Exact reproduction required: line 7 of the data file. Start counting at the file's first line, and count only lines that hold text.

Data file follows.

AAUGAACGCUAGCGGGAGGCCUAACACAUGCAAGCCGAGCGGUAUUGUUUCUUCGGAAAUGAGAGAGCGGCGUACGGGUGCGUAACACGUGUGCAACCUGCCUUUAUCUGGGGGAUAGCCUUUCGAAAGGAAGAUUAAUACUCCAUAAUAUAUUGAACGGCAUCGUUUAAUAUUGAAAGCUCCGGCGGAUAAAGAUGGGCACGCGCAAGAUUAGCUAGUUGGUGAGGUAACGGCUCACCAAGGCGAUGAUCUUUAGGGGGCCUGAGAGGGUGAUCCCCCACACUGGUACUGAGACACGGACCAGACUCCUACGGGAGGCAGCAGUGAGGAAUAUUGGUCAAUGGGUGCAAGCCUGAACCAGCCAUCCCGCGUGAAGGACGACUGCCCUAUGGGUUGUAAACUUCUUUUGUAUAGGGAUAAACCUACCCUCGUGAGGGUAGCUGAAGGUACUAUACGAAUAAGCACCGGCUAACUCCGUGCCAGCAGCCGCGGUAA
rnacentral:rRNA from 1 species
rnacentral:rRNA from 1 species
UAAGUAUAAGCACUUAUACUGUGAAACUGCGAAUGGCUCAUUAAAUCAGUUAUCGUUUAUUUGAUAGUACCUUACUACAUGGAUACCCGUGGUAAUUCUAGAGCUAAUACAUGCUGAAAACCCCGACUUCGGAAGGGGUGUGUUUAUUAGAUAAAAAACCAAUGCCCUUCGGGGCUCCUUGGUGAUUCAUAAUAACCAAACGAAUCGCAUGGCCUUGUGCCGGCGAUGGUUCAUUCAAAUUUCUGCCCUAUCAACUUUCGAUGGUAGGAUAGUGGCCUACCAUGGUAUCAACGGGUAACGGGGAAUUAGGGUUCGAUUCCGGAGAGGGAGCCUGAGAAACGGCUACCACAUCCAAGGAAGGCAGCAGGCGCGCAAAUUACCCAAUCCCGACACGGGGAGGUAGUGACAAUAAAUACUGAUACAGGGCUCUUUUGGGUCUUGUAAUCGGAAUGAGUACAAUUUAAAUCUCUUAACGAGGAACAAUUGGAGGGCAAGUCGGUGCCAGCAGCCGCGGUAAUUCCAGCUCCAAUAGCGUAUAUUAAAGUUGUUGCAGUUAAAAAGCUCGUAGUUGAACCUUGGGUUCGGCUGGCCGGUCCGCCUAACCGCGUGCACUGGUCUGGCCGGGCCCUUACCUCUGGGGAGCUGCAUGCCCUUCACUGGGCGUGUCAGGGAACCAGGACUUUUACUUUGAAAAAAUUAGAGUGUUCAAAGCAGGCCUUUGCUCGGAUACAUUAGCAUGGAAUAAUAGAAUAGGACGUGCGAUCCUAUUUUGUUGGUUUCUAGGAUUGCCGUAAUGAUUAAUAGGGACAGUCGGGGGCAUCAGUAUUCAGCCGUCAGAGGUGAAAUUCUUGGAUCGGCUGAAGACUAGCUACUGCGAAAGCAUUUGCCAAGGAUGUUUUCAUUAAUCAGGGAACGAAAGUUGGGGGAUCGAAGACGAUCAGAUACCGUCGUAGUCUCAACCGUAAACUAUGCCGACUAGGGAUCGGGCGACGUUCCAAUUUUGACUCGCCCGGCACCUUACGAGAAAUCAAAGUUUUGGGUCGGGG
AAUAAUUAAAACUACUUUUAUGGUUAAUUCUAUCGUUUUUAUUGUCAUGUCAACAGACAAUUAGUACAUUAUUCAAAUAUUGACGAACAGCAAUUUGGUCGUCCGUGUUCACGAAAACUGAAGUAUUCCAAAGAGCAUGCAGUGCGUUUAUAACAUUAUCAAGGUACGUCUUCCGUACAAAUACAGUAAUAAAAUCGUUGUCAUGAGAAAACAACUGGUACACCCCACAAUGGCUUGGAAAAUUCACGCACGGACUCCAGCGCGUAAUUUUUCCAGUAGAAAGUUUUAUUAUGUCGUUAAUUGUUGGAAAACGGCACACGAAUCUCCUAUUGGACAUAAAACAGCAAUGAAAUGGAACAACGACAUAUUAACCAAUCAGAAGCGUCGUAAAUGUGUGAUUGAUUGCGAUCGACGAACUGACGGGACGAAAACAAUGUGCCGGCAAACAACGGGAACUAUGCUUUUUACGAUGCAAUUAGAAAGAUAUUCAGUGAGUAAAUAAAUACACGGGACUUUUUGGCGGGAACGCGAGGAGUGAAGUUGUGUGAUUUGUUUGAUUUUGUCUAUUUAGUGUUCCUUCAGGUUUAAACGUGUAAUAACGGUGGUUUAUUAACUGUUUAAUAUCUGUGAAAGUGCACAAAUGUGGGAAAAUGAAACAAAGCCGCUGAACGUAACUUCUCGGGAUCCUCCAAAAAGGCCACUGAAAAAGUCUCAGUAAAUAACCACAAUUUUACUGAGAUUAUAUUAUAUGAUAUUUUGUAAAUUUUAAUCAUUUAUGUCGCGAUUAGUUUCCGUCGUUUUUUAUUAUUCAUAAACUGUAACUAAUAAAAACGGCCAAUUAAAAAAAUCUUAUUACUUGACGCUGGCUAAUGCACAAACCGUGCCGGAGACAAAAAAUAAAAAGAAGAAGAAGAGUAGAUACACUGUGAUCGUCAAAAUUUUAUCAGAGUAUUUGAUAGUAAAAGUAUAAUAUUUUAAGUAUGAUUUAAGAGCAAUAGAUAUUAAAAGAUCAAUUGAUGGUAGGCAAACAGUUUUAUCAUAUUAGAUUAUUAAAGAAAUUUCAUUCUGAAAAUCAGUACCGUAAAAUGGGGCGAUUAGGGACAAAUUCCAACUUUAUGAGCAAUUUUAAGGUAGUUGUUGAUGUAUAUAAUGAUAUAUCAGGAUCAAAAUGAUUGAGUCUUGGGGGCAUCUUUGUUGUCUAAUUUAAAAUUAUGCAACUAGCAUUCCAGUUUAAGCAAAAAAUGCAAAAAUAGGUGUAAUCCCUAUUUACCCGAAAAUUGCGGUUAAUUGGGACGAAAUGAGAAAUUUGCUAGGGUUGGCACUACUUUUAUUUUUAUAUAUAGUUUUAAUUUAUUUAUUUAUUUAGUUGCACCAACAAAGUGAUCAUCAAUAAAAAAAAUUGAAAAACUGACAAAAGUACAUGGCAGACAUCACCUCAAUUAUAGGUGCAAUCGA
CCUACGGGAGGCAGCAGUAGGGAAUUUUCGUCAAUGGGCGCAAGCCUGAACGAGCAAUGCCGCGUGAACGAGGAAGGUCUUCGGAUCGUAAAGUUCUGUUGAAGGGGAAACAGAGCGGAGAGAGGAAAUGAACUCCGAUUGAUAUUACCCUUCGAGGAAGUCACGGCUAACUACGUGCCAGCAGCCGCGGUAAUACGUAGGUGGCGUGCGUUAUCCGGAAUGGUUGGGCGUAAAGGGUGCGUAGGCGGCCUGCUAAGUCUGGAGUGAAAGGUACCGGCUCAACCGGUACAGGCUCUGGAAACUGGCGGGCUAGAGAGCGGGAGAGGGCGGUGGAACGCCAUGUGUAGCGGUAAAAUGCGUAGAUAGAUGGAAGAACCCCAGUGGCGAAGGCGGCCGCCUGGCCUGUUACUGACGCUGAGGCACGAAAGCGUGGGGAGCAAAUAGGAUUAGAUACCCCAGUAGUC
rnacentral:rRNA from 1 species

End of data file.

rnacentral:rRNA from 1 species